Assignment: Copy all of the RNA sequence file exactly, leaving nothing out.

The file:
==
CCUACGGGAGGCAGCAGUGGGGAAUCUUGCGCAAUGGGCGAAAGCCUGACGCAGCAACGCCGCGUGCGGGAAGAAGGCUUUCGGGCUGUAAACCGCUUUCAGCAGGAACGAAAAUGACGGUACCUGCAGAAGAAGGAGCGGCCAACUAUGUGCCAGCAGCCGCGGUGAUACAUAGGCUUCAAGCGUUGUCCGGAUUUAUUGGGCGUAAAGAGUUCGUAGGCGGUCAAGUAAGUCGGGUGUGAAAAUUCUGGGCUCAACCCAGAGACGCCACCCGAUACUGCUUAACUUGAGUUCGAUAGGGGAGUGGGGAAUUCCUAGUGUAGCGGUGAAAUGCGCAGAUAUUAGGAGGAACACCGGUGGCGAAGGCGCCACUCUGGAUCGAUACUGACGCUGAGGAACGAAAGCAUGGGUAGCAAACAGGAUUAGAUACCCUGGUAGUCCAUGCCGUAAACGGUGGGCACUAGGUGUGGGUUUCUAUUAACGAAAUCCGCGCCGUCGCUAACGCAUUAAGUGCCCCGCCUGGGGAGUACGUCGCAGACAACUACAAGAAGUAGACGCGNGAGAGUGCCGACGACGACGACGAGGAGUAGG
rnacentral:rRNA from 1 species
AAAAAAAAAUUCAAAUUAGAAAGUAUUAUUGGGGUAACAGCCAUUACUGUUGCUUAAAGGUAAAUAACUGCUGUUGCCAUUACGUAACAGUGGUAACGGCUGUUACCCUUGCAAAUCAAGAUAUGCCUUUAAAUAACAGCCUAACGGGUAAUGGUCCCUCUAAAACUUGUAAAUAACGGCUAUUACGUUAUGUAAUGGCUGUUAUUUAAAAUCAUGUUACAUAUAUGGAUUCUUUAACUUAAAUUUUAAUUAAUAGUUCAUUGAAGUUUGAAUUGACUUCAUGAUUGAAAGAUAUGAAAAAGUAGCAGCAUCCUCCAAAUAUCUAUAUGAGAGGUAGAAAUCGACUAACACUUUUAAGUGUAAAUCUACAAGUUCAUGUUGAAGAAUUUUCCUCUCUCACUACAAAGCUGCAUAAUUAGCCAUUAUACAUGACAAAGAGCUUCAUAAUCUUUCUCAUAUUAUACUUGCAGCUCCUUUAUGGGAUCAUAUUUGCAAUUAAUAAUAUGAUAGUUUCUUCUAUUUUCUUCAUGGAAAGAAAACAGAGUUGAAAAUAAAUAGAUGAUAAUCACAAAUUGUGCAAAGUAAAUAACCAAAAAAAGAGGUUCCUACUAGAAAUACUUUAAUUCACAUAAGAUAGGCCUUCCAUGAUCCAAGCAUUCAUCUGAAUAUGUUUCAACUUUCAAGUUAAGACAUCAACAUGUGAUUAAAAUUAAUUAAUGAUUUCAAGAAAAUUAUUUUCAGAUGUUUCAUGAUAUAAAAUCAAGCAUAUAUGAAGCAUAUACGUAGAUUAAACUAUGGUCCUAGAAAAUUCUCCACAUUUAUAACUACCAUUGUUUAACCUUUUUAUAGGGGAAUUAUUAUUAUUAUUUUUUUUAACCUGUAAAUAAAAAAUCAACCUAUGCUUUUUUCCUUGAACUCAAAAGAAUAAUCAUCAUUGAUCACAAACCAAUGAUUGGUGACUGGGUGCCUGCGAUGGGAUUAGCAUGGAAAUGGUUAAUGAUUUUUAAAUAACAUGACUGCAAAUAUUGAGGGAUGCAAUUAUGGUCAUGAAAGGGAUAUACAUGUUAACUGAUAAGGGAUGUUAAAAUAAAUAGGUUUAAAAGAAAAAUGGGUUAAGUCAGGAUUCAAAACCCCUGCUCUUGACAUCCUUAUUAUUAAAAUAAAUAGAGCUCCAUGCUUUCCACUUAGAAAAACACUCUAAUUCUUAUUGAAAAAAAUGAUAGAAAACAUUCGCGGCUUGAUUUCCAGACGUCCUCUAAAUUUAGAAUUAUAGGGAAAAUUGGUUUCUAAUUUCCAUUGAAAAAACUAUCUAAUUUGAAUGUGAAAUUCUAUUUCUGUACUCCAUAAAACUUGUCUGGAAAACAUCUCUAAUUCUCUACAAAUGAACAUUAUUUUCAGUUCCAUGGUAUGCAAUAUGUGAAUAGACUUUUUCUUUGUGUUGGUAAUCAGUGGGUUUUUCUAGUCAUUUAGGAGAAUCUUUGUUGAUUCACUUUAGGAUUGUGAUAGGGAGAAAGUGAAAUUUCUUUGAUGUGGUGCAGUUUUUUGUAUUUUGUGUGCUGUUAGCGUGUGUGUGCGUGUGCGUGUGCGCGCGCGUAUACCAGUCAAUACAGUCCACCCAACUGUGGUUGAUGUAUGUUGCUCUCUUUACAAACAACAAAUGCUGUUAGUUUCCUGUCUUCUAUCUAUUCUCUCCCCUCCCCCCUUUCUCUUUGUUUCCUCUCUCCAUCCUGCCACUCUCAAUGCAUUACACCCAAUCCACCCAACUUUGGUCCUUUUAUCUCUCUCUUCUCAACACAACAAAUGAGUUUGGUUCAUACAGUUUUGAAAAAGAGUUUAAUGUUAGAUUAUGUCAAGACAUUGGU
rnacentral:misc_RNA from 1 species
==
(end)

CCUACGGGAGGCAGCAGUGGGGAAUCUUGCGCAAUGGGCGAAAGCCUGACGCAGCAACGCCGCGUGCGGGAAGAAGGCUUUCGGGCUGUAAACCGCUUUCAGCAGGAACGAAAAUGACGGUACCUGCAGAAGAAGGAGCGGCCAACUAUGUGCCAGCAGCCGCGGUGAUACAUAGGCUUCAAGCGUUGUCCGGAUUUAUUGGGCGUAAAGAGUUCGUAGGCGGUCAAGUAAGUCGGGUGUGAAAAUUCUGGGCUCAACCCAGAGACGCCACCCGAUACUGCUUAACUUGAGUUCGAUAGGGGAGUGGGGAAUUCCUAGUGUAGCGGUGAAAUGCGCAGAUAUUAGGAGGAACACCGGUGGCGAAGGCGCCACUCUGGAUCGAUACUGACGCUGAGGAACGAAAGCAUGGGUAGCAAACAGGAUUAGAUACCCUGGUAGUCCAUGCCGUAAACGGUGGGCACUAGGUGUGGGUUUCUAUUAACGAAAUCCGCGCCGUCGCUAACGCAUUAAGUGCCCCGCCUGGGGAGUACGUCGCAGACAACUACAAGAAGUAGACGCGNGAGAGUGCCGACGACGACGACGAGGAGUAGG
rnacentral:rRNA from 1 species
AAAAAAAAAUUCAAAUUAGAAAGUAUUAUUGGGGUAACAGCCAUUACUGUUGCUUAAAGGUAAAUAACUGCUGUUGCCAUUACGUAACAGUGGUAACGGCUGUUACCCUUGCAAAUCAAGAUAUGCCUUUAAAUAACAGCCUAACGGGUAAUGGUCCCUCUAAAACUUGUAAAUAACGGCUAUUACGUUAUGUAAUGGCUGUUAUUUAAAAUCAUGUUACAUAUAUGGAUUCUUUAACUUAAAUUUUAAUUAAUAGUUCAUUGAAGUUUGAAUUGACUUCAUGAUUGAAAGAUAUGAAAAAGUAGCAGCAUCCUCCAAAUAUCUAUAUGAGAGGUAGAAAUCGACUAACACUUUUAAGUGUAAAUCUACAAGUUCAUGUUGAAGAAUUUUCCUCUCUCACUACAAAGCUGCAUAAUUAGCCAUUAUACAUGACAAAGAGCUUCAUAAUCUUUCUCAUAUUAUACUUGCAGCUCCUUUAUGGGAUCAUAUUUGCAAUUAAUAAUAUGAUAGUUUCUUCUAUUUUCUUCAUGGAAAGAAAACAGAGUUGAAAAUAAAUAGAUGAUAAUCACAAAUUGUGCAAAGUAAAUAACCAAAAAAAGAGGUUCCUACUAGAAAUACUUUAAUUCACAUAAGAUAGGCCUUCCAUGAUCCAAGCAUUCAUCUGAAUAUGUUUCAACUUUCAAGUUAAGACAUCAACAUGUGAUUAAAAUUAAUUAAUGAUUUCAAGAAAAUUAUUUUCAGAUGUUUCAUGAUAUAAAAUCAAGCAUAUAUGAAGCAUAUACGUAGAUUAAACUAUGGUCCUAGAAAAUUCUCCACAUUUAUAACUACCAUUGUUUAACCUUUUUAUAGGGGAAUUAUUAUUAUUAUUUUUUUUAACCUGUAAAUAAAAAAUCAACCUAUGCUUUUUUCCUUGAACUCAAAAGAAUAAUCAUCAUUGAUCACAAACCAAUGAUUGGUGACUGGGUGCCUGCGAUGGGAUUAGCAUGGAAAUGGUUAAUGAUUUUUAAAUAACAUGACUGCAAAUAUUGAGGGAUGCAAUUAUGGUCAUGAAAGGGAUAUACAUGUUAACUGAUAAGGGAUGUUAAAAUAAAUAGGUUUAAAAGAAAAAUGGGUUAAGUCAGGAUUCAAAACCCCUGCUCUUGACAUCCUUAUUAUUAAAAUAAAUAGAGCUCCAUGCUUUCCACUUAGAAAAACACUCUAAUUCUUAUUGAAAAAAAUGAUAGAAAACAUUCGCGGCUUGAUUUCCAGACGUCCUCUAAAUUUAGAAUUAUAGGGAAAAUUGGUUUCUAAUUUCCAUUGAAAAAACUAUCUAAUUUGAAUGUGAAAUUCUAUUUCUGUACUCCAUAAAACUUGUCUGGAAAACAUCUCUAAUUCUCUACAAAUGAACAUUAUUUUCAGUUCCAUGGUAUGCAAUAUGUGAAUAGACUUUUUCUUUGUGUUGGUAAUCAGUGGGUUUUUCUAGUCAUUUAGGAGAAUCUUUGUUGAUUCACUUUAGGAUUGUGAUAGGGAGAAAGUGAAAUUUCUUUGAUGUGGUGCAGUUUUUUGUAUUUUGUGUGCUGUUAGCGUGUGUGUGCGUGUGCGUGUGCGCGCGCGUAUACCAGUCAAUACAGUCCACCCAACUGUGGUUGAUGUAUGUUGCUCUCUUUACAAACAACAAAUGCUGUUAGUUUCCUGUCUUCUAUCUAUUCUCUCCCCUCCCCCCUUUCUCUUUGUUUCCUCUCUCCAUCCUGCCACUCUCAAUGCAUUACACCCAAUCCACCCAACUUUGGUCCUUUUAUCUCUCUCUUCUCAACACAACAAAUGAGUUUGGUUCAUACAGUUUUGAAAAAGAGUUUAAUGUUAGAUUAUGUCAAGACAUUGGU
rnacentral:misc_RNA from 1 species